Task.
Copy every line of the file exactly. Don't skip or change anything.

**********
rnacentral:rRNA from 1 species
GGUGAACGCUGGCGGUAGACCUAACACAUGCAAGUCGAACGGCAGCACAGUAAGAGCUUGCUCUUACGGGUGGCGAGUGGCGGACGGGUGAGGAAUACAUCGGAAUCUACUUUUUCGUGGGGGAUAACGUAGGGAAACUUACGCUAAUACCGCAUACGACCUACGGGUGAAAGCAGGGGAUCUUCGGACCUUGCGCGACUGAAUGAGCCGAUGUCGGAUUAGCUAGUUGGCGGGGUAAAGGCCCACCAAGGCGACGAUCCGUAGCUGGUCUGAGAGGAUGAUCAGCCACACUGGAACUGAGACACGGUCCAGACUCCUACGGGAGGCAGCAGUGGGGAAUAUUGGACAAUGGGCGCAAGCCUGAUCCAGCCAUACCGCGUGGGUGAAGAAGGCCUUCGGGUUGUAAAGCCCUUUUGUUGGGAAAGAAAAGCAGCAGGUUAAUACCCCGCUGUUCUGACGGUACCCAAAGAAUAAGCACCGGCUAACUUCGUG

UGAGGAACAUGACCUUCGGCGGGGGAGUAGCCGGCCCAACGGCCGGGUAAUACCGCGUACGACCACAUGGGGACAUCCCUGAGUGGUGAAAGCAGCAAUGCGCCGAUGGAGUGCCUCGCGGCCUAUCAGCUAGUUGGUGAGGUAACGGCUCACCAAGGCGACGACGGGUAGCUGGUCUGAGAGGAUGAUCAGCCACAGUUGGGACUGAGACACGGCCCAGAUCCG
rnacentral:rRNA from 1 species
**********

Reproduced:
rnacentral:rRNA from 1 species
GGUGAACGCUGGCGGUAGACCUAACACAUGCAAGUCGAACGGCAGCACAGUAAGAGCUUGCUCUUACGGGUGGCGAGUGGCGGACGGGUGAGGAAUACAUCGGAAUCUACUUUUUCGUGGGGGAUAACGUAGGGAAACUUACGCUAAUACCGCAUACGACCUACGGGUGAAAGCAGGGGAUCUUCGGACCUUGCGCGACUGAAUGAGCCGAUGUCGGAUUAGCUAGUUGGCGGGGUAAAGGCCCACCAAGGCGACGAUCCGUAGCUGGUCUGAGAGGAUGAUCAGCCACACUGGAACUGAGACACGGUCCAGACUCCUACGGGAGGCAGCAGUGGGGAAUAUUGGACAAUGGGCGCAAGCCUGAUCCAGCCAUACCGCGUGGGUGAAGAAGGCCUUCGGGUUGUAAAGCCCUUUUGUUGGGAAAGAAAAGCAGCAGGUUAAUACCCCGCUGUUCUGACGGUACCCAAAGAAUAAGCACCGGCUAACUUCGUG

UGAGGAACAUGACCUUCGGCGGGGGAGUAGCCGGCCCAACGGCCGGGUAAUACCGCGUACGACCACAUGGGGACAUCCCUGAGUGGUGAAAGCAGCAAUGCGCCGAUGGAGUGCCUCGCGGCCUAUCAGCUAGUUGGUGAGGUAACGGCUCACCAAGGCGACGACGGGUAGCUGGUCUGAGAGGAUGAUCAGCCACAGUUGGGACUGAGACACGGCCCAGAUCCG
rnacentral:rRNA from 1 species